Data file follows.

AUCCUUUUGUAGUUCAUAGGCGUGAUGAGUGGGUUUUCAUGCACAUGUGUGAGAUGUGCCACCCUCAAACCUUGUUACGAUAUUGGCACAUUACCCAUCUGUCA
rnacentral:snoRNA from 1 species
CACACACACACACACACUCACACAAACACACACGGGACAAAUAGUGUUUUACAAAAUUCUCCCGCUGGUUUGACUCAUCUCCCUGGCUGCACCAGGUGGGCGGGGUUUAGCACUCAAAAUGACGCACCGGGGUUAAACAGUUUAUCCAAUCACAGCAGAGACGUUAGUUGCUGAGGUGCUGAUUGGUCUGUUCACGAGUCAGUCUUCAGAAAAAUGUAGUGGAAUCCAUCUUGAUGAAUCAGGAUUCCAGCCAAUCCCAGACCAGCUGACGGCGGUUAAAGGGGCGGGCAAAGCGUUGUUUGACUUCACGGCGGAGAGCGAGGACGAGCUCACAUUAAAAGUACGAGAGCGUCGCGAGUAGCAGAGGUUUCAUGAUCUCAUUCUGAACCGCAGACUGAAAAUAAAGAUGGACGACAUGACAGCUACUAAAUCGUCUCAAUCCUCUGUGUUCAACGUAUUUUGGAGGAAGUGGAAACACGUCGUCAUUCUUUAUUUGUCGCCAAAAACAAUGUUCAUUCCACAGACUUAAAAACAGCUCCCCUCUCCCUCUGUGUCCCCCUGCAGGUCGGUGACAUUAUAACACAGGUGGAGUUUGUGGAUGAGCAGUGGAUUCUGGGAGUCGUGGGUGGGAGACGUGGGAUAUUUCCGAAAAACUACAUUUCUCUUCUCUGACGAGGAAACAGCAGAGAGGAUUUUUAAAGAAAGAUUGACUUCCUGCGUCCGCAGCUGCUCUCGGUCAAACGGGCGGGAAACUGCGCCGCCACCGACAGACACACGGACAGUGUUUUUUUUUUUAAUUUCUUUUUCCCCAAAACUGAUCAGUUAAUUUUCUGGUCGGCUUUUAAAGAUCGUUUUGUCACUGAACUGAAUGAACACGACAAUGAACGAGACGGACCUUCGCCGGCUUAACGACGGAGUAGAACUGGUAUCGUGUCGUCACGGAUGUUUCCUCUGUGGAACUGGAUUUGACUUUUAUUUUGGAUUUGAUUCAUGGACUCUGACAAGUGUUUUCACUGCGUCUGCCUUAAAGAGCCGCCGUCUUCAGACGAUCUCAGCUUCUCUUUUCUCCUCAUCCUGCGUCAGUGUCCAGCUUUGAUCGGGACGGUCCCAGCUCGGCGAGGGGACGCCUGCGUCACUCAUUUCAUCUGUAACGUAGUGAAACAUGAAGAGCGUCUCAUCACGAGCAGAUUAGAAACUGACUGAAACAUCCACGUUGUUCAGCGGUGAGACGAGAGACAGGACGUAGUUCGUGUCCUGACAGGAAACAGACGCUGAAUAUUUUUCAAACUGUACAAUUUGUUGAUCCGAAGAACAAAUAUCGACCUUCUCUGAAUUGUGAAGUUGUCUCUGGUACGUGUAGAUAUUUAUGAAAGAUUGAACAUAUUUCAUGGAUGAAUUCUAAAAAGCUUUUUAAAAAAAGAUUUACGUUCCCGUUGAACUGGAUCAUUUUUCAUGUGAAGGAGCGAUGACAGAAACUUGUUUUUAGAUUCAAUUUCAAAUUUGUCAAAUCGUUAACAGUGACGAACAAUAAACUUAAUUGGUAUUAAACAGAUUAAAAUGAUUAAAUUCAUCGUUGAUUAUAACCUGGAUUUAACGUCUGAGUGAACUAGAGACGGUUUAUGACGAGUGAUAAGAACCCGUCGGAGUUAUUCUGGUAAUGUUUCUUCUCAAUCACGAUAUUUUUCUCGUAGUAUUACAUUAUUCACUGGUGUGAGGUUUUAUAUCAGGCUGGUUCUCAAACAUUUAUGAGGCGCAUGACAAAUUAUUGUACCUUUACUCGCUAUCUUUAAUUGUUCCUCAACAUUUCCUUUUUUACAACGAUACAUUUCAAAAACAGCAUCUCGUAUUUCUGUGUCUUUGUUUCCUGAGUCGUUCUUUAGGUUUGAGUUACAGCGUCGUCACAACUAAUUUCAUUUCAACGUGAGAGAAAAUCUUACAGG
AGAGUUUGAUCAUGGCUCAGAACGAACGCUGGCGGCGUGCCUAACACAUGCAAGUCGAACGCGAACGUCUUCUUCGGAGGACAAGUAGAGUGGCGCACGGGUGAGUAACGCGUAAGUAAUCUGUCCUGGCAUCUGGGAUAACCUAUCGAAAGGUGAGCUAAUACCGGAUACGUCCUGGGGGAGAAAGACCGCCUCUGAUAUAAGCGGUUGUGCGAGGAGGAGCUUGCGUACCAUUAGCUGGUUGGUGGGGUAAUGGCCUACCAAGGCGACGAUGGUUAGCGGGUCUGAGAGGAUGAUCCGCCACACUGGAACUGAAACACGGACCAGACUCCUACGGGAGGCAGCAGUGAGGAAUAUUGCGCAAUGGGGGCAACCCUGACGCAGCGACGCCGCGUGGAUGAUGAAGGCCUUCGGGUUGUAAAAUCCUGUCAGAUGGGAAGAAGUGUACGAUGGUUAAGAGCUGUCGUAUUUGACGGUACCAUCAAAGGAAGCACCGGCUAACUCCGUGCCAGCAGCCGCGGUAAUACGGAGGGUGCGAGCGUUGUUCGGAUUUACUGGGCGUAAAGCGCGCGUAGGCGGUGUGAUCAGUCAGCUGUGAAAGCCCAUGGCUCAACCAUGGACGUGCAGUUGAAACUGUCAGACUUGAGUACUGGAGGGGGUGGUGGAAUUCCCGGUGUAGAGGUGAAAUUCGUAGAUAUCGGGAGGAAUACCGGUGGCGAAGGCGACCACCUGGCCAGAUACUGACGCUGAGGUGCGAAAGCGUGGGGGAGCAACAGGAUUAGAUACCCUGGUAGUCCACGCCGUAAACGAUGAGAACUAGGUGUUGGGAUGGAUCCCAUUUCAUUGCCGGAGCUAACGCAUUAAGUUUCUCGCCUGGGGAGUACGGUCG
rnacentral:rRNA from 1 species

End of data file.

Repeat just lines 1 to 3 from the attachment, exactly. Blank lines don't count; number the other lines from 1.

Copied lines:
AUCCUUUUGUAGUUCAUAGGCGUGAUGAGUGGGUUUUCAUGCACAUGUGUGAGAUGUGCCACCCUCAAACCUUGUUACGAUAUUGGCACAUUACCCAUCUGUCA
rnacentral:snoRNA from 1 species
CACACACACACACACACUCACACAAACACACACGGGACAAAUAGUGUUUUACAAAAUUCUCCCGCUGGUUUGACUCAUCUCCCUGGCUGCACCAGGUGGGCGGGGUUUAGCACUCAAAAUGACGCACCGGGGUUAAACAGUUUAUCCAAUCACAGCAGAGACGUUAGUUGCUGAGGUGCUGAUUGGUCUGUUCACGAGUCAGUCUUCAGAAAAAUGUAGUGGAAUCCAUCUUGAUGAAUCAGGAUUCCAGCCAAUCCCAGACCAGCUGACGGCGGUUAAAGGGGCGGGCAAAGCGUUGUUUGACUUCACGGCGGAGAGCGAGGACGAGCUCACAUUAAAAGUACGAGAGCGUCGCGAGUAGCAGAGGUUUCAUGAUCUCAUUCUGAACCGCAGACUGAAAAUAAAGAUGGACGACAUGACAGCUACUAAAUCGUCUCAAUCCUCUGUGUUCAACGUAUUUUGGAGGAAGUGGAAACACGUCGUCAUUCUUUAUUUGUCGCCAAAAACAAUGUUCAUUCCACAGACUUAAAAACAGCUCCCCUCUCCCUCUGUGUCCCCCUGCAGGUCGGUGACAUUAUAACACAGGUGGAGUUUGUGGAUGAGCAGUGGAUUCUGGGAGUCGUGGGUGGGAGACGUGGGAUAUUUCCGAAAAACUACAUUUCUCUUCUCUGACGAGGAAACAGCAGAGAGGAUUUUUAAAGAAAGAUUGACUUCCUGCGUCCGCAGCUGCUCUCGGUCAAACGGGCGGGAAACUGCGCCGCCACCGACAGACACACGGACAGUGUUUUUUUUUUUAAUUUCUUUUUCCCCAAAACUGAUCAGUUAAUUUUCUGGUCGGCUUUUAAAGAUCGUUUUGUCACUGAACUGAAUGAACACGACAAUGAACGAGACGGACCUUCGCCGGCUUAACGACGGAGUAGAACUGGUAUCGUGUCGUCACGGAUGUUUCCUCUGUGGAACUGGAUUUGACUUUUAUUUUGGAUUUGAUUCAUGGACUCUGACAAGUGUUUUCACUGCGUCUGCCUUAAAGAGCCGCCGUCUUCAGACGAUCUCAGCUUCUCUUUUCUCCUCAUCCUGCGUCAGUGUCCAGCUUUGAUCGGGACGGUCCCAGCUCGGCGAGGGGACGCCUGCGUCACUCAUUUCAUCUGUAACGUAGUGAAACAUGAAGAGCGUCUCAUCACGAGCAGAUUAGAAACUGACUGAAACAUCCACGUUGUUCAGCGGUGAGACGAGAGACAGGACGUAGUUCGUGUCCUGACAGGAAACAGACGCUGAAUAUUUUUCAAACUGUACAAUUUGUUGAUCCGAAGAACAAAUAUCGACCUUCUCUGAAUUGUGAAGUUGUCUCUGGUACGUGUAGAUAUUUAUGAAAGAUUGAACAUAUUUCAUGGAUGAAUUCUAAAAAGCUUUUUAAAAAAAGAUUUACGUUCCCGUUGAACUGGAUCAUUUUUCAUGUGAAGGAGCGAUGACAGAAACUUGUUUUUAGAUUCAAUUUCAAAUUUGUCAAAUCGUUAACAGUGACGAACAAUAAACUUAAUUGGUAUUAAACAGAUUAAAAUGAUUAAAUUCAUCGUUGAUUAUAACCUGGAUUUAACGUCUGAGUGAACUAGAGACGGUUUAUGACGAGUGAUAAGAACCCGUCGGAGUUAUUCUGGUAAUGUUUCUUCUCAAUCACGAUAUUUUUCUCGUAGUAUUACAUUAUUCACUGGUGUGAGGUUUUAUAUCAGGCUGGUUCUCAAACAUUUAUGAGGCGCAUGACAAAUUAUUGUACCUUUACUCGCUAUCUUUAAUUGUUCCUCAACAUUUCCUUUUUUACAACGAUACAUUUCAAAAACAGCAUCUCGUAUUUCUGUGUCUUUGUUUCCUGAGUCGUUCUUUAGGUUUGAGUUACAGCGUCGUCACAACUAAUUUCAUUUCAACGUGAGAGAAAAUCUUACAGG